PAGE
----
The examples and discussions are easy to digest and are complimented by 12 bonus videos (that accompany the ebook). It’s also the best python programming book for developers who work with other programming languages and need to get up to speed with Python, quickly. Read the reviews.
Effective Python: 59 Specific Ways to Write Better Python (1st Edition): Brett Slatkin, the principal software engineer and engineering director at Google, wrote this book to help Python developers write better code and avoid technical debt. It can even be listed as the best Python textbook as it plays a critical role in developing well-rounded Python developers.
Python is popular because the language is easy to learn. But when you jump right in and start coding, you risk missing out on its unique charm, strengths, and qualities that can lead to trouble down the road. So whoever gets through the whole book will be on their way to becoming a well-rounded Python programmer.
According to Brandon Rhodes, a software engineer at Dropbox and chair of PyCon 2016-2017, “each item in Slatkin’s Effective Python teaches a self-contained lesson with its own source code. This makes the book random-access: Items are easy to browse and study in whatever order the reader needs. I will be recommending Effective Python to students as an admirably compact source of mainstream advice on a very broad range of topics for the intermediate Python programmer.” Read the reviews.
Best Python Books: Advanced
Fluent Python: Clear, Concise, and Effective Programming: Luciano Ramalho’s book targets experienced Python 2 developers who want to move on to Python 3. So if you don’t have a solid foundation of the basics, this isn’t the best Python learning book to start your programming journey.
As this book is well-referenced, experienced programmers can quickly find answers to their questions by skimming through the organized topics. When you start reading, you might find a lot of topics covered by introductory books, but don’t be fooled. Unlike introductory Python books, the author goes into detail and highlights several nuanced features of the language.
There are also detailed examples that complement the content on almost every page. The code examples are geared to provide a more practical approach to the Python concepts presented in the book. If you go to StackOverflow and don’t find comprehensive answers to your questions, this book is the best alternative. Read the reviews.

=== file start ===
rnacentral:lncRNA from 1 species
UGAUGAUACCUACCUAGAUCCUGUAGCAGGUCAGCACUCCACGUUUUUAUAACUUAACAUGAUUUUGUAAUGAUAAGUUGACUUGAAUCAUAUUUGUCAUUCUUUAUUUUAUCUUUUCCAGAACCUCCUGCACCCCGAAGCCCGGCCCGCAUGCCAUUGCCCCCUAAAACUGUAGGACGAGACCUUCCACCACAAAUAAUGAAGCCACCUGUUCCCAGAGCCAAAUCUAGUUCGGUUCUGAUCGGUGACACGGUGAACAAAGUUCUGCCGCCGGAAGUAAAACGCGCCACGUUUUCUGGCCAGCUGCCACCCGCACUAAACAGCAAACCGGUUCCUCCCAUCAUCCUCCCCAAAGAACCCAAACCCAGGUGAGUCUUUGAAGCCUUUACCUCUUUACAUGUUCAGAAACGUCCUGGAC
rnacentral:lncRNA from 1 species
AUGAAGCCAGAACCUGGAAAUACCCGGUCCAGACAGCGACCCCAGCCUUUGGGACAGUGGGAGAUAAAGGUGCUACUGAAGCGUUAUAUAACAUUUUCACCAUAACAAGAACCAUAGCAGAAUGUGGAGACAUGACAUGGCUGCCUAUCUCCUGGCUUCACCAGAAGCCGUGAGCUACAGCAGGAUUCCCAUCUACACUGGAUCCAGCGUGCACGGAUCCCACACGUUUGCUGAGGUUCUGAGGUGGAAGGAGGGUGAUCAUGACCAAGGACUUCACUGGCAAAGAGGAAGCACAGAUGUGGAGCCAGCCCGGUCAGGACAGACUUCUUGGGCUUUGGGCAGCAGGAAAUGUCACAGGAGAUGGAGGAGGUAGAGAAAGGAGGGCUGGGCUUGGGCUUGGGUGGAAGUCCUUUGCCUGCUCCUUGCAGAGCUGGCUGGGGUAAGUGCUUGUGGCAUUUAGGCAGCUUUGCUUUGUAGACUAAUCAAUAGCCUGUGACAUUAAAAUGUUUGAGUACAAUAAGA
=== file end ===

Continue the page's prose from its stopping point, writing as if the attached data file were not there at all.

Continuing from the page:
Python Testing with pytest: Simple, Rapid, Effective, and Scalable (1st Edition): Brian Okken, who has a weekly podcast on Python testing and development, aims to help Python developers write tests quickly. When you’re done with this book, you should be able to write pytests that are readable and maintainable without any boilerplate code.
If you’re going to work on Python-based projects, you have to be able to test your code. To do this properly, there’s no better option than pytest. The pytest framework is loaded with powerful features and plugin capability that helps minimize false test failures. This book provides a robust model that can be applied to both simple small tests and highly complex functional tests.
Even if you’re well-versed in pytest, it’s still worth reading because there are some gems that will be useful on your next project. So if you’re making a list of the best Python books, it’s imperative to include Okken’s work. Read the reviews.
Introduction to Machine Learning with Python: A Guide for Data Scientists: Andreas C. Müller and Sarah Guido’s guide for data scientists is the best python programming book to read if you’re interested in getting into artificial intelligence and machine learning (ML).
When you’re done reading this book, you’ll be ready to build your own rich ML applications and solutions that can be scaled (up or down) as needed. The book starts with the fundamental concepts of ML but rapidly dives right into advanced methods for the concept of pipelines, model evaluation, and much more.
Throughout the book, you’ll also be provided with tips and tricks that can help you become a better data scientist/ML engineer. Read the reviews.
Reading these books can help you gain a comprehensive understanding of the inner workings of Python programming. As the programming language can be leveraged across a variety of industry verticals, adding this skill can lead to a lucrative career.
If you’re thinking about adding the Python programming language to your arsenal, consider Springboard’s free learning path Introduction to Machine Learning in Python and join a rapidly growing group of over 17,000 learners spread across the planet.